Categories

A sample text widget

Etiam pulvinar consectetur dolor sed malesuada. Ut convallis euismod dolor nec pretium. Nunc ut tristique massa.

Nam sodales mi vitae dolor ullamcorper et vulputate enim accumsan. Morbi orci magna, tincidunt vitae molestie nec, molestie at mi. Nulla nulla lorem, suscipit in posuere in, interdum non magna.

April 2017

Our letter this month comes from Revd Anne Futcher

“An event, seen from one point of view gives one impression.  Seen from another point of view it gives quite a different impression.  But it’s only when you get the whole picture, you can fully understand what’s going on.”

That’s the voiceover of a television commercial for a national newspaper, back in 1986.

It shows a series of three scenes.  In the first we see the figure of a young man.  His head is closely shaven.   He’s casually dressed.  He runs furiously round a street corner.  Clearly he’s running away.

In the second, the young man runs straight towards a smartly dressed older man whom he pushes roughly. Clearly he’s assaulting the second man.

As the final shot pans out to show the whole scene, we begin to understand what’s going on.  The younger man did push the older.  But he pushed him out of the path of some masonry that was about to fall on him from a nearby building.  The older man’s life was in danger, but not from the young man.  He turns out to be his rescuer, not his assailant, after all.

In the space of just three seconds, our perspective is changed completely. Everything looks different.

One of the familiar Easter stories tells of the risen and unrecognised Jesus walking along the road to Emmaus with two of his bereft followers.  As they walk together, Jesus listens to them speaking of recent events. You can almost hear their incredulity at what’s happened; their disappointment and sadness as all their former hopes lie in tatters.  The person they’d put their faith in as king and saviour has turned out to be just a nobody – who’s died a criminal’s death on a cross.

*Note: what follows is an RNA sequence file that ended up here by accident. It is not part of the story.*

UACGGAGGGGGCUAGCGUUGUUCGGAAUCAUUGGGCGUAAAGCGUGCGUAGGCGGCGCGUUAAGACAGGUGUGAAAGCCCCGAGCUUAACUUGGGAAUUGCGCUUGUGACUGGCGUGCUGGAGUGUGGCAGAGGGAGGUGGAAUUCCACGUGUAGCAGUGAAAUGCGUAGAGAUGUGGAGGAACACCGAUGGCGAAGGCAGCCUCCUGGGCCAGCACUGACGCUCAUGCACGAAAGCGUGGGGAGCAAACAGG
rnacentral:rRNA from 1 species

But then there’s the concluding frame.  Jesus starts talking to them about what really happened, about how his death has fulfilled the promises of scripture.  And as their eyes are opened, they recognise him.  The disciples begin to see the whole picture.  Their perspective is changed completely.  Everything looks different.

Christ is risen. There’s a new world.  There is hope after all.

And when we recognise Jesus among us today, when we recognise him in one another, our perspective is changed completely too.  Everything looks different.  We have a new perception of our world.   Death and destruction don’t have the last word.  Life and love do.

This is the Easter message.  It is very Good News indeed.  Happy Easter!

Tea party and egg hunt

Fun for all the family in Southleigh (hall and churchyard) on

Saturday 8th April from 2.30 – 4.30 pm

As well as the egg hunt and tea there will be competitions including best Easter bonnet, decorated eggs, living gardens and egg rolling.

Posy-making at Musbury

Children at Musbury School had a very enjoyable time making posies for the Mothering Sunday Service on 26 March.

Cafe hosts St Petrock’s talk

St Andrew’s Community cafe is supporting St Petrock’s charity for the homeless. There will be a talk at the cafe on Tuesday 28th March – do come!